There is an argument that the first motion picture was ever produced was in 1878.  It's not definitive, but that year a series of consecutive photographs was consecutively shot that, when assembled together, created the illusion of movement.  Since that time, the technology of film has improved dramatically, but the stories that are translated into film remains the subject of scrutiny. Remakes, sequels, and reinterpretations have been made ever since.  These all inspire the scorn of audiences today, but they've been going on continuously since the beginning of film.  For example, the famous William Wyler film of Ben Hur from 1959, the one starring Charlton Heston that won eleven Academy Awards, was a remake twice over.  The first version was a fifteen-minute film shot in 1907.  The second interpretation came eighteen years later.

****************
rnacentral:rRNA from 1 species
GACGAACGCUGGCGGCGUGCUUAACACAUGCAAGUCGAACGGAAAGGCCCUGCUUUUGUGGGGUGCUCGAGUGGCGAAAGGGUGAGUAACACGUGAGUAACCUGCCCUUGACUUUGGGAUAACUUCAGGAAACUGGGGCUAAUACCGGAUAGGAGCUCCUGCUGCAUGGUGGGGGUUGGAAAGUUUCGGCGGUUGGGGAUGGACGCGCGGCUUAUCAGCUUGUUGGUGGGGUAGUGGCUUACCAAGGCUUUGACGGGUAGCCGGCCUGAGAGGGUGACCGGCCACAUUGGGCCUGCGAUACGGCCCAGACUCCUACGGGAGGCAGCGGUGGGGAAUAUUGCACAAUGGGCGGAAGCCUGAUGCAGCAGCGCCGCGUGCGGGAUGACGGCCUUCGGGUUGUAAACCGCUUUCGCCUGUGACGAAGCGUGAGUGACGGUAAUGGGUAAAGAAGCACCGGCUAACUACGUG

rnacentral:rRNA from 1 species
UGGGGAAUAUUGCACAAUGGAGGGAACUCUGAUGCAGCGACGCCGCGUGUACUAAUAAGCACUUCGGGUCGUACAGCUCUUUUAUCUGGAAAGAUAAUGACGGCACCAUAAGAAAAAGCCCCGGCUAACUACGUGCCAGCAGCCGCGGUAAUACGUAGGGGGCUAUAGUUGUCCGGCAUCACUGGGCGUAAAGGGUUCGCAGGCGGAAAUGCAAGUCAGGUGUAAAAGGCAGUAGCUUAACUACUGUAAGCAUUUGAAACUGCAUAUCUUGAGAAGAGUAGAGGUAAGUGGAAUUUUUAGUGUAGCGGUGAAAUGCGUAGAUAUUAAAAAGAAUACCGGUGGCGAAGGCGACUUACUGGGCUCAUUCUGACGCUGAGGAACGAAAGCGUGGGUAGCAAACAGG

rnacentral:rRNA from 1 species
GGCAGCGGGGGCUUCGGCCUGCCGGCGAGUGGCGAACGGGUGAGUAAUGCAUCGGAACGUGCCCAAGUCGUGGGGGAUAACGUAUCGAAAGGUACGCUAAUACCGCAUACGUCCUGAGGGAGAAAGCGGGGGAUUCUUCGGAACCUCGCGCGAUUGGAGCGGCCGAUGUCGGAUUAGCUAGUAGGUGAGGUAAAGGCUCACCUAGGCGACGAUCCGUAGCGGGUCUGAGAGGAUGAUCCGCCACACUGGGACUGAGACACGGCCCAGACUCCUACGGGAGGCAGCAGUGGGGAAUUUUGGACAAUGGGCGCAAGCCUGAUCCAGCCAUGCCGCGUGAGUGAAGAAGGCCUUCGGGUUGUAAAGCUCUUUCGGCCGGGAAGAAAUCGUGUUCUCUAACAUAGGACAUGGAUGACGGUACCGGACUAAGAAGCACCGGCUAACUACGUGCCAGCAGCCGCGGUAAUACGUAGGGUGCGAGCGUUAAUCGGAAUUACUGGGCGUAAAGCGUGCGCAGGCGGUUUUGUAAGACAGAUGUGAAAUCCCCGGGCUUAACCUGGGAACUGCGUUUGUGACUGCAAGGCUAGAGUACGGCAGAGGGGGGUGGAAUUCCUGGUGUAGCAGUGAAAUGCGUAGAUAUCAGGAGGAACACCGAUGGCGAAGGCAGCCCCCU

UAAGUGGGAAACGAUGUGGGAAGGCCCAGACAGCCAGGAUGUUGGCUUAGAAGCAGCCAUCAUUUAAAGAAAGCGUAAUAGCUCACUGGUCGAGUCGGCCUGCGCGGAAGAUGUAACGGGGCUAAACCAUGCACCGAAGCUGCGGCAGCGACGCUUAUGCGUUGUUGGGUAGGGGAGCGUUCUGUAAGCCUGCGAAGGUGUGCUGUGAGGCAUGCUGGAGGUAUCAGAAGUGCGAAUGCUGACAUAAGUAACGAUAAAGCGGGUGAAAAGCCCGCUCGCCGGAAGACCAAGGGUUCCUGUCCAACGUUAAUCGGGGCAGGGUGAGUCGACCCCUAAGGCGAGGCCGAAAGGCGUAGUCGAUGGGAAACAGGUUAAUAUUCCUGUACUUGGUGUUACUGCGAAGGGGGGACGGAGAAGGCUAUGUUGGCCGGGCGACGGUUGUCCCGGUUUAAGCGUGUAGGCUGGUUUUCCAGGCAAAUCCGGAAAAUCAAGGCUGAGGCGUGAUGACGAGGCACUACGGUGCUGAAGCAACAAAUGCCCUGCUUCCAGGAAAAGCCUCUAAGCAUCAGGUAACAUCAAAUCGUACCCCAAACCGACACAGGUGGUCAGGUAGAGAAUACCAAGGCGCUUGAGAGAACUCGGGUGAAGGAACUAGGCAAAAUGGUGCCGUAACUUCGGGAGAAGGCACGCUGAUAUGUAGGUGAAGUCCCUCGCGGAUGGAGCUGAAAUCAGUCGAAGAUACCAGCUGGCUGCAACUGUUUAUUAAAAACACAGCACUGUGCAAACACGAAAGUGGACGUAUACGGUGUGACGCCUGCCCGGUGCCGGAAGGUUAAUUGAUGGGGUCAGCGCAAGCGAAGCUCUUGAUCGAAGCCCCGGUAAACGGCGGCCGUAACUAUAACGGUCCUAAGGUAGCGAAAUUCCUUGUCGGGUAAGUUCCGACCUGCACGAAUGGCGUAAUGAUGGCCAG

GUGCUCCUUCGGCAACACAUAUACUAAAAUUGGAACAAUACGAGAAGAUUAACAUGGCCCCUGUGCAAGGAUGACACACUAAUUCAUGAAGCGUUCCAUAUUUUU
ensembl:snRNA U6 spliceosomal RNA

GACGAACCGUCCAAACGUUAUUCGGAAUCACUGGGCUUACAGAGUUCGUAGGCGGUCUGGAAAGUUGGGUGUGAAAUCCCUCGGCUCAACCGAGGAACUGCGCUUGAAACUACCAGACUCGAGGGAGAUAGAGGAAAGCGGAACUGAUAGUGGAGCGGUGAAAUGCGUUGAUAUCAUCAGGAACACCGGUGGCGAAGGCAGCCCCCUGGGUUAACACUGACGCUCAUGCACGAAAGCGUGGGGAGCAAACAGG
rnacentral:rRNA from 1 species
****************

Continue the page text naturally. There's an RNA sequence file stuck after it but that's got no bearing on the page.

1925's Ben Hur was directed by Fred Niblo and starred Ramon Novarro as the boyhood Jewish friend of powerful Roman Tribune Messala.  Messala becomes corrupt working for the Romans and sends Ben Hur off to enslavement, during which time he meets and is aided by Jesus of Nazareth.  His fortunes turn after that.  He is eventually freed, becomes an accomplished chariot racer, and does well for himself.  The end.  But the production of the movie didn't go quite as smoothly as Judah Ben Hur's story.  Production costs grew and grew during production until the film gained the distinction of becoming the most expensive movie ever made during the silent era, breaking the bank at $3.9 million - which is a lot more than $3.9 million today.  Fortunately, the popularity of the film came close to justifying the expense, and its influence on modern film remains of note.  The American Treasure Tour's Music Room has a collage of photographs on display dedicated to the film.